“As a result, it’s allowed his other stuff to really play up more,” he added. “The sweeping slider was great last year, and if you look at the results of it, it was one of the best pitches in college baseball. He’s just executing it a little better this season. All of those things together equal a guy who’s really good at his craft.”

Overall, Johnson is having a monster 2024 campaign, which comes at a perfect time amid his draft year. He has a 1.93 ERA and has struck out 64 batters with only five walks. Yes, only five walks. Teams are hitting Johnson at a .193 clip. By comparison, as a freshman, the righty had a 4.30 ERA in 58.2 innings of work with just 47 strikeouts. And last season, the righty had a 4.43 ERA in 87.1 innings of work, along with 116 strikeouts and 22 walks. The difference between last year and this season? The OBA difference is 46 points lower.

Time will tell if Johnson projects as a starter or reliever at the next level. Mechanics and supposed stress on the arm suggests a reliever profile. But scouts, including our own David Seifert, feel like there’s plenty of potential for Johnson to start at the next level. If that’s the case, his stock could continue to soar as the draft continues.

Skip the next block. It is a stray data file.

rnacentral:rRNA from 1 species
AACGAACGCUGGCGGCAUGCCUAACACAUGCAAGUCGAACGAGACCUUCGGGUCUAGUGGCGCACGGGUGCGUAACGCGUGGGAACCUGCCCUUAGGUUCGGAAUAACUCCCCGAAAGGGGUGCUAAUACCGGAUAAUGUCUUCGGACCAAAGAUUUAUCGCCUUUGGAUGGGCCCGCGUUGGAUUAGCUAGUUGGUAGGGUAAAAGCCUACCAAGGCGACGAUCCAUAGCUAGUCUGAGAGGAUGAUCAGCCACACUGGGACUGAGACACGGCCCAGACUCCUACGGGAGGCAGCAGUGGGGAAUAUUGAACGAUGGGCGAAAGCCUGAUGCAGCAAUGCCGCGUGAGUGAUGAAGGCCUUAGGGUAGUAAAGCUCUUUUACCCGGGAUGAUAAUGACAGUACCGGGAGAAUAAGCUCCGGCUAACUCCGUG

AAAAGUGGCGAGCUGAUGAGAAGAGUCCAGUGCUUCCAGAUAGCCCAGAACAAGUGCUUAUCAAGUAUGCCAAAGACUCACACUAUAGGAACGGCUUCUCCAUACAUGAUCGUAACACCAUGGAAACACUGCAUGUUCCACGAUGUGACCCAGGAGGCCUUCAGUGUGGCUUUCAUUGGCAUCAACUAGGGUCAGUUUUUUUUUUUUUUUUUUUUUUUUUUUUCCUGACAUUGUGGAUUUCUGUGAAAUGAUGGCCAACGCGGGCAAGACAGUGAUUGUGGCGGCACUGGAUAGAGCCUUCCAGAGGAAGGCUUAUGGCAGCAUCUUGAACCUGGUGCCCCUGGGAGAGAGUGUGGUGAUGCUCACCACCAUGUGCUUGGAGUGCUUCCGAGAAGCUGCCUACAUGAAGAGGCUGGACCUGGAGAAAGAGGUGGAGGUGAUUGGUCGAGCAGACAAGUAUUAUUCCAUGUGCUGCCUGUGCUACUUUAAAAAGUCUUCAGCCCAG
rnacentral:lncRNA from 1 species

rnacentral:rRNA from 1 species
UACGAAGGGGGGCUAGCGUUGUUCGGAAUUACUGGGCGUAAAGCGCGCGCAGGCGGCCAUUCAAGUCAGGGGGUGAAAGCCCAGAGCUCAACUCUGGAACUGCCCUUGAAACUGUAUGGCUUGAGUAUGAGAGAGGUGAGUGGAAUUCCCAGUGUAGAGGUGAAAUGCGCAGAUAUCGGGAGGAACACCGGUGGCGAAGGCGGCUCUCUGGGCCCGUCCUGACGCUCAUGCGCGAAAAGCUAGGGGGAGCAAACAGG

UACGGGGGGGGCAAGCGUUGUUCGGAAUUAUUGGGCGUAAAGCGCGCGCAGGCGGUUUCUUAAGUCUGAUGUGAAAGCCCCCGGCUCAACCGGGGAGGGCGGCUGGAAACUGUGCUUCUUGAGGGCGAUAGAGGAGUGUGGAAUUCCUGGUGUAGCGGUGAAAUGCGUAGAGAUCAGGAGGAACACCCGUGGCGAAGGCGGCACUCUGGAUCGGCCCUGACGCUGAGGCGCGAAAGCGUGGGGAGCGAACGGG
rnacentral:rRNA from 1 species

For now, he’s firmly focused on helping Dallas Baptist reach the College World Series for the first time in program history, while also sticking to his ultra-unique approach.

“Man, everything about RJ is just different, but that is what makes him special,” Heefner said. “I think that’s really cool about him. He’s very comfortable with who he is and how he does it. A lot of guys go out there and think they must go throw exactly like Max Scherzer or someone else — RJ just wants to throw like RJ.

“A year or so ago we worked on a traditional leg lift delivery, but RJ thought his delivery helped him gain more momentum when he pitched, so that’s the route we went. He’s a coachable kid, but he’s also very confident and knows what’s needed for him to success at the highest of levels.

“That’s really what makes him one of the best.” is your online home for college baseball scores, schedules, standings, statistics, analysis, features, podcasts and prospect coverage.